Let us know if you agree to cookies
This website uses cookies to improve user experience. Please let us know if you agree to all of these cookies. You can change your cookie preferences at any time on our Cookies page; there is a link to it in the footer at the bottom of the website.
Yes, I agree to all of these cookies   No, take me to settings
All Posts, Military History

Author Guest Post: Jaap Jan Brouwer


Rommel on leadership

The German Army lost two consecutive wars and the conclusion is often drawn that it simply wasn’t able to cope with its opponents. This image is constantly reinforced in literature and in the media, where seemingly brainless operating German units led by fanatical officers predominate. Nothing was as far from the truth. The records show that the Germans consistently outfought the far more numerous Allied armies that eventually defeated them: their relative battlefield performance was at least 1.5 and in most cases 3 times as high as that of its opponents. The central question in this book is why the German Army had a so much higher relative battlefield performance than the opposition. A central element within the Prussian/German Army is Auftragstaktik, a tactical management concept that dates from the middle of the nineteenth century and is still very advanced in terms of management and organisation. In this series of blogs we will have a closer look at the key elements of Auftragstaktik and cases that will illustrate the effects of these elements in the reality of the battlefield. In this part of the series we focus on Rommel as an example of German leadership.

Rommel was a typical exponent of the German officer corps, a general with specific views on command and leadership style from which contemporary managers can still learn a lot. His daily letters to his wife, Lucie, sometimes read like a management manual, particularly his view that the commander should not limit himself to planning and staff matters at a distance, but should show himself at the front. He gave his reasons for this as follows:

  • The correct execution of the commander’s plan by his subordinates is of great importance. It is naive to suppose that every officer will understand the meaning of his specific assignment within the larger whole.
  • Most subordinates will try to choose the easiest way: an excuse will quickly be found as to why predetermined goals cannot be achieved. The fact that a subordinate realises his commander is present at the front helps prevent him dropping out quickly. The commander must be the driving force on the  battlefield. The troops must realise that he is the one in control.
  • The commander must strive to ensure that his troops are always aware of the latest developments in the field of tactics and their practical application on the battlefield. Junior officers must be taught to respond quickly and adequately to sudden events. A commander must ensure that his troops receive proper training, because that avoids unnecessary casualties.
  • It is also important that the commander knows what is happening at the front and what problems his men face. He must keep this knowledge up to date, because otherwise he leads purely from theory and with a limited knowledge of reality, as if war were a game of chess. In other words, a true leader is someone who continually tests his own views and ideas against the circumstances in which his troops find themselves, instead of going into battle with a fixed framework and rigid rules.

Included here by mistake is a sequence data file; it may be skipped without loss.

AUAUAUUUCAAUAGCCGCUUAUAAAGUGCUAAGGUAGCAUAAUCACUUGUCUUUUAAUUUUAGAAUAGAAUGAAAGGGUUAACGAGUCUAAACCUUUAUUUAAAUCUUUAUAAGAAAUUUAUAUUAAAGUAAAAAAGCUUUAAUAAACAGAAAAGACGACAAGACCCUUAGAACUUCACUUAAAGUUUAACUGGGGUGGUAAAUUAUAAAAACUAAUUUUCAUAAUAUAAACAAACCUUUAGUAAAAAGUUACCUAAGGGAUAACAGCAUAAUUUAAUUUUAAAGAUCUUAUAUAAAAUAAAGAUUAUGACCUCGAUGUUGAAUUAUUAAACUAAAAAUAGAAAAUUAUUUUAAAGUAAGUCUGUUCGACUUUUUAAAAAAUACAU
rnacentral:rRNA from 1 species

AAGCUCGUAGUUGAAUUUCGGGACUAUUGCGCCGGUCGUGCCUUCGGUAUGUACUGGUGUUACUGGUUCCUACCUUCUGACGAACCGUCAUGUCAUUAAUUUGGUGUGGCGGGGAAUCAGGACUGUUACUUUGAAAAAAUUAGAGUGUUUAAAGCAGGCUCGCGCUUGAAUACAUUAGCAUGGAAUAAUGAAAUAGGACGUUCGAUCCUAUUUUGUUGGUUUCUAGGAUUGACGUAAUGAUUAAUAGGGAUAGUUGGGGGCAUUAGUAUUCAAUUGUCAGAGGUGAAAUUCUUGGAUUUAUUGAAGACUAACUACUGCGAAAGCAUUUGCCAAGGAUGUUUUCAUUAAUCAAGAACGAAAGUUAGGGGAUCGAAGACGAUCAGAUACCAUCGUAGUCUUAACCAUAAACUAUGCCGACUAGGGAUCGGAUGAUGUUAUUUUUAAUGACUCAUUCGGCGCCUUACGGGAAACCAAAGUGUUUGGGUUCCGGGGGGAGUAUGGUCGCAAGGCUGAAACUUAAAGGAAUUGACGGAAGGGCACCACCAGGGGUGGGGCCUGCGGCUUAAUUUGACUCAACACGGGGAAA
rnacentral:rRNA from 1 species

• The commander must remain in contact with his troops. He must know their feelings and think like them. The soldier must have confidence in him. There is an absolute principle here: one must always be sincere to the men and never try to fool them for whatever reason. The soldier has an excellent nose for what is truth or a false representation of reality.”

Another important requirement for officers was that they should be present on the front line in order to personally evaluate the battlefield and enemy positions. This had a beneficial effect on soldiers’ morale, but led to relatively heavy losses of officers in combat. In Rommel’s words:

There is always a time when the commander should not be with his staff, but with his men up front at the front. It is incorrect to assume that the morale of the troops is solely the responsibility of the battalion commander. The higher the rank, the better the example. The men generally do not care for a commander who is safe in his headquarters far behind the front. They need his physical presence. In times of panic, fatigue, disorganisation or when extra efforts are required, the personal example of the commander can do wonders, certainly when there is already myth forming around his person.“

The latter was, of course, true of Rommel, and the myth was so great that Churchill in 1942 forbade his name from being used.

This relationship between officers, NCOs and their men was noted and recorded by the Allies during interviews with German prisoners of war: ‘Almost all non-commissioned officers and officers at the level of the company during the campaign in Western Europe were considered brave, efficient and compassionate by the German soldier’. A better compliment is scarcely conceivable.

The German Way of War is out now.